Electricity Batteries and Current Physics Lab Report-UArizona Global Campus .

Electricity, Batteries, and Current You can access the simulations via the title of each section. Simply hoover your mouse over the titles and press CTRL + Click to follow the links. Battery Voltage: • Do the small blue spheres represent positive or negative charges? • Which side of the battery is labeled positive, and which side is negative? • How can you determine which side of the battery is positive and negative just by the location of the blue charges? Resistance in a Wire: • What characteristics of a resistor are variable in this model? • How does each affect the resistance? (Will increasing or decreasing each make the resistance correspondingly increase or decrease?) • Explain your ideas about why they change the resistance. Ohm’s Law: • As you change the value of the battery voltage, how does this change the current through the circuit and the resistance of the resistor? If the current or resistance remains constant, why do you think? • As you change the value of the resistance of the resistor, how does this change the current through the circuit and the battery voltage? If the current or voltage remains constant, why do you think?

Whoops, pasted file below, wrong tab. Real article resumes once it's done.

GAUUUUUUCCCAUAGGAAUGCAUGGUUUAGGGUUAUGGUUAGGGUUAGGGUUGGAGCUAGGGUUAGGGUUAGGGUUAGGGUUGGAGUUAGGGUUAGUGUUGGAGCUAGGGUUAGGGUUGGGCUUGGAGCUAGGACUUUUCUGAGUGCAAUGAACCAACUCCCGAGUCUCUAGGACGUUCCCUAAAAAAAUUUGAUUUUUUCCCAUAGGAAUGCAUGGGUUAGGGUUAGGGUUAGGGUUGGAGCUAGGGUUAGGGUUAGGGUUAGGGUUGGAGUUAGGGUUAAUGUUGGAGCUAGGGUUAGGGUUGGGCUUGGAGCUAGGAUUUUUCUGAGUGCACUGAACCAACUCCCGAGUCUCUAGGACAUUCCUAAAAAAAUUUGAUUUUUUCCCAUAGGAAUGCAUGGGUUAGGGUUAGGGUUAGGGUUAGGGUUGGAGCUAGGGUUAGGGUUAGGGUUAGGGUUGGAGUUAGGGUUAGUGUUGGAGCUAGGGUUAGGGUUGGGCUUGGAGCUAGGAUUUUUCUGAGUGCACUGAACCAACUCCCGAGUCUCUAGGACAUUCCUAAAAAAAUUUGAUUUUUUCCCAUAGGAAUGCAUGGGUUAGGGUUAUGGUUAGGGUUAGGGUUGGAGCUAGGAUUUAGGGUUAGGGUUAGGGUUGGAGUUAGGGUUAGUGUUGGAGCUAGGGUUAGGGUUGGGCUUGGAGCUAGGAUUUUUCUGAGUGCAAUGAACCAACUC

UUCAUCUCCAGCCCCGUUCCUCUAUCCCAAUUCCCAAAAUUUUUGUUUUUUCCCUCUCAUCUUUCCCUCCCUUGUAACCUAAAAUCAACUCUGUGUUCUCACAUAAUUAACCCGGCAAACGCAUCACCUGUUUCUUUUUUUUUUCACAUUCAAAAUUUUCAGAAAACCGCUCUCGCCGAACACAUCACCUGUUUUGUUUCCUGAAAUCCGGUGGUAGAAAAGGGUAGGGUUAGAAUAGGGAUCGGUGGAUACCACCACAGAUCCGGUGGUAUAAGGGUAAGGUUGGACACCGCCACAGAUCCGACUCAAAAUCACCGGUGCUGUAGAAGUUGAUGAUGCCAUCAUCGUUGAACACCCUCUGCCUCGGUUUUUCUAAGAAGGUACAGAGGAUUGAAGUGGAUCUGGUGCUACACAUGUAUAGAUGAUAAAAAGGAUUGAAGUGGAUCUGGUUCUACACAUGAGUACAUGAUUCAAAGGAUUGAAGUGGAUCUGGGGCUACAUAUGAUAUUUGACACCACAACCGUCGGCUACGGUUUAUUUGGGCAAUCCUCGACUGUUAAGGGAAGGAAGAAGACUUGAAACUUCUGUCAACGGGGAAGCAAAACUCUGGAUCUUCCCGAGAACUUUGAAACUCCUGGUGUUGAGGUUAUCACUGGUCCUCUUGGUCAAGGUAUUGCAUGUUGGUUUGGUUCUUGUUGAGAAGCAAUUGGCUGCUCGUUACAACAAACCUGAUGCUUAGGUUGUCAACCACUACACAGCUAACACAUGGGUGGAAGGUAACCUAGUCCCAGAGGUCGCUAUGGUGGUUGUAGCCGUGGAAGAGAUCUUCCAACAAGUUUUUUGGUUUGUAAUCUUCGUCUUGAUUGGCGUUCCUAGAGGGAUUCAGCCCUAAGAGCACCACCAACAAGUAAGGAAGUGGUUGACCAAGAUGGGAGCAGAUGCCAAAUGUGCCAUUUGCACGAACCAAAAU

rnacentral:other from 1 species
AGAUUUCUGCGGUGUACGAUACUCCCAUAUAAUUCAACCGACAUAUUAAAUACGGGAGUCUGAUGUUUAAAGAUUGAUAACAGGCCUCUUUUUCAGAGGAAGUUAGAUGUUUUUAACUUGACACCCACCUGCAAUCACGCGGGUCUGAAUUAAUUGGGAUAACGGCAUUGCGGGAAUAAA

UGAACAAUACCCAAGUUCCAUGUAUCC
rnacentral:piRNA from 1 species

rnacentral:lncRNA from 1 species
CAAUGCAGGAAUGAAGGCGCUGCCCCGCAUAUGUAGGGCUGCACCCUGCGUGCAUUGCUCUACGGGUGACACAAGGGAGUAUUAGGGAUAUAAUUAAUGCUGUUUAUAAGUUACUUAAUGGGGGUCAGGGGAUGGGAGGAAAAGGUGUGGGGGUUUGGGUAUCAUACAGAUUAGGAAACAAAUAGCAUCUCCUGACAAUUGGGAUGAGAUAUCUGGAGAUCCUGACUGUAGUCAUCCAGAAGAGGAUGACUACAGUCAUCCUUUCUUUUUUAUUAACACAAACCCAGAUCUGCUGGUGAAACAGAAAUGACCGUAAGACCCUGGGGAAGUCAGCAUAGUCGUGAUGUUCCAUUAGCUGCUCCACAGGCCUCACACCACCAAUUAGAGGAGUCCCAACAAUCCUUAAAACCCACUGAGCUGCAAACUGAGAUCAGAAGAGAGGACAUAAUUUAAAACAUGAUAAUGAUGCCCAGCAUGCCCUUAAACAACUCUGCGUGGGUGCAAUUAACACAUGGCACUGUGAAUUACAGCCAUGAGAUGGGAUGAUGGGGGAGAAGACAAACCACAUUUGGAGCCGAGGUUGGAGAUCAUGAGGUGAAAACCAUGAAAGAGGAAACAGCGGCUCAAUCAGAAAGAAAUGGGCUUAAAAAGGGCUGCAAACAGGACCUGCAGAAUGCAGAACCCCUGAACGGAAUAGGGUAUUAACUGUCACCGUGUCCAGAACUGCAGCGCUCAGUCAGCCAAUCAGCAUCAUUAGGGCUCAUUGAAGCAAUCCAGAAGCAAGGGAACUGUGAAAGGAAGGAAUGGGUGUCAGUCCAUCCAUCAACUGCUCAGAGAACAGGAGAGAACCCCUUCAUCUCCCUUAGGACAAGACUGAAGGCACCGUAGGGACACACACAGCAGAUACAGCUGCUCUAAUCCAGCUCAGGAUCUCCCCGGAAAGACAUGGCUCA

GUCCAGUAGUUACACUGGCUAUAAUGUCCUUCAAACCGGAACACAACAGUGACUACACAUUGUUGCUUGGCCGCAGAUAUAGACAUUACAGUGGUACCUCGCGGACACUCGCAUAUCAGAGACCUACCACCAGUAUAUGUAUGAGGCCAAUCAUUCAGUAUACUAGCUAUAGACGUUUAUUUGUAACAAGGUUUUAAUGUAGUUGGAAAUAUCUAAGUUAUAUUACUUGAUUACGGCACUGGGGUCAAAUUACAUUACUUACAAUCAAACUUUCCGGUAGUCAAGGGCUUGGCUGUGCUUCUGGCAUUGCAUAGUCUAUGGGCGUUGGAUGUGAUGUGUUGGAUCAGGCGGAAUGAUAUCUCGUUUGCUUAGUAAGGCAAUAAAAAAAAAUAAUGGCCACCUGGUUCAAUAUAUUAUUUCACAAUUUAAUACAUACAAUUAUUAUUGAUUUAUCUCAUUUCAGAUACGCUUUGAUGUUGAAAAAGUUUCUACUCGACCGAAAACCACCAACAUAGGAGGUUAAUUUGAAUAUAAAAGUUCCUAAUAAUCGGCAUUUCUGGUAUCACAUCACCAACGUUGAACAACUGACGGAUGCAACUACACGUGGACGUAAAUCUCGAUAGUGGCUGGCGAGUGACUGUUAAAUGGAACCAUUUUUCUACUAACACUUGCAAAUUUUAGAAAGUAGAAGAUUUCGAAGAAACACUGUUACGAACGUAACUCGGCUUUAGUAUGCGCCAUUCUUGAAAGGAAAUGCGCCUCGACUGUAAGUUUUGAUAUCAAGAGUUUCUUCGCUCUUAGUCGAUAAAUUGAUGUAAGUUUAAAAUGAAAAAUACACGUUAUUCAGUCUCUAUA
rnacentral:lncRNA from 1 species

Friction Forces Questions-American Commercial College of Texas .